I don’t have any underlying health issues that would make me more vulnerable. I am also not in a high-risk age bracket. Yay. Lucky me. Pass me the coffee, let’s carry on.
However, my job now, as much as protecting my own family (and a child with asthma, and we don’t know what effect this virus will have on her) is my key job, my other responsibility is to think of others.
I have friends with cancer, either in recovery or in treatment. I have friends with children who have compromised immune systems, who are vulnerable. I have colleagues and people I work with health issues. There is an elderly community out there who are the much more likely victims of this illness. There are special needs children who this virus would hit hard.
As much as I want to bulk buy, we have not. We will not. We have a small stock of long-life milk, some meals that can be cooked easily, and some extra cat food. Other than that, we shop as normal. I have a child who cannot take ibuprofen and a husband who can’t take paracetamol. I have made sure we have the pain relief we need, but have also felt panic when in the shop seeing shelves bare of essential pain meds when I know that they are normally needed by many families before we even think about coronavirus.
This morning I asked someone to wash their hands, when they entered a building, after coming off public transport. Their response astonished me. “This is a total overreaction and nonsense”.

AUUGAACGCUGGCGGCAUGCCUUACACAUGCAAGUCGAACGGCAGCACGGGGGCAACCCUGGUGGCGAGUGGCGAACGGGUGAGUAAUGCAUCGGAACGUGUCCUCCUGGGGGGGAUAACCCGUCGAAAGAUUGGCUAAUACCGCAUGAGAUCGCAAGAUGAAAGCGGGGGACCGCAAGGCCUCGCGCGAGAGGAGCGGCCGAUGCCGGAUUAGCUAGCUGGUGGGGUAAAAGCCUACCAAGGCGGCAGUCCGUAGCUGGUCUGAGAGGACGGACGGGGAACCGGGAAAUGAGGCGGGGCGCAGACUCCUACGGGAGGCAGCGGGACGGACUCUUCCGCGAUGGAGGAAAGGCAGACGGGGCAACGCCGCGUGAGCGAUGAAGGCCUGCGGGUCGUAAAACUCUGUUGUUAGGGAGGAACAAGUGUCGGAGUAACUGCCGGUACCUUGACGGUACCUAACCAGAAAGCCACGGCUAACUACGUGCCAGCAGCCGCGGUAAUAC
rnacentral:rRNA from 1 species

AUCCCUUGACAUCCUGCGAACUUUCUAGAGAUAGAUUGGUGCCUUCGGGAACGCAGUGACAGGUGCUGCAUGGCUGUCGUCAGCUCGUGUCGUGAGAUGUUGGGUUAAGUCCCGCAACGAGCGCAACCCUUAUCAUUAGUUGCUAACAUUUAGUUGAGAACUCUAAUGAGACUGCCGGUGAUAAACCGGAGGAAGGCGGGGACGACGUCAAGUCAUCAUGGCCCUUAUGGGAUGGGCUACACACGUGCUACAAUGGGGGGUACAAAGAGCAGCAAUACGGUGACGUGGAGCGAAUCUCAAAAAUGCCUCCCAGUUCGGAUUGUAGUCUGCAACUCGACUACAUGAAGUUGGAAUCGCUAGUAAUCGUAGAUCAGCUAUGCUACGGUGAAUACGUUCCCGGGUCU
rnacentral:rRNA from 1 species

“Asking people to wash their hands during a pandemic that is killing the old and sick when handwashing is known to be one of the easiest and most effective ways of defending ourselves for the sake of others, is NOT an overreaction”.
In short. It’s going to be a bloody hard few months. People are going to get ill. The vast majority of us will probably feel pretty crap for a few days or weeks. But if the trend is right, from the science I have read, we will get better. It isn’t going to be fun to be stuck at home, it won’t be fun to deal with life as we know it being very different and we don’t know how long for.
But, we need to do these things. We won’t die from being stuck at home with our kids off school but if you pretend this virus isn’t serious and refuse to do the simple things that could help, someone else might not come off as lightly as you.
Simple things, like washing our hands, a lot. More than just a sprinkle under the sink on your way out of the toilet. Proper handwashing will protect us, and also protect those around us. Our hands will get dry but that’s what hand cream is for. It’s a little gesture that could save lives or at least offer a barrier of protection to ease spread. We need to think beyond ourselves and come to the conclusion that acts that protect other people are vital.
Also, please don’t make a big deal out of you being healthy and not old. I am glad for you, it makes your chances good, but those of us with frailer family members or those amongst us who are seeing their peers hit hard by this illness don’t need your gloating. Keep calm, think of others & wash your hands.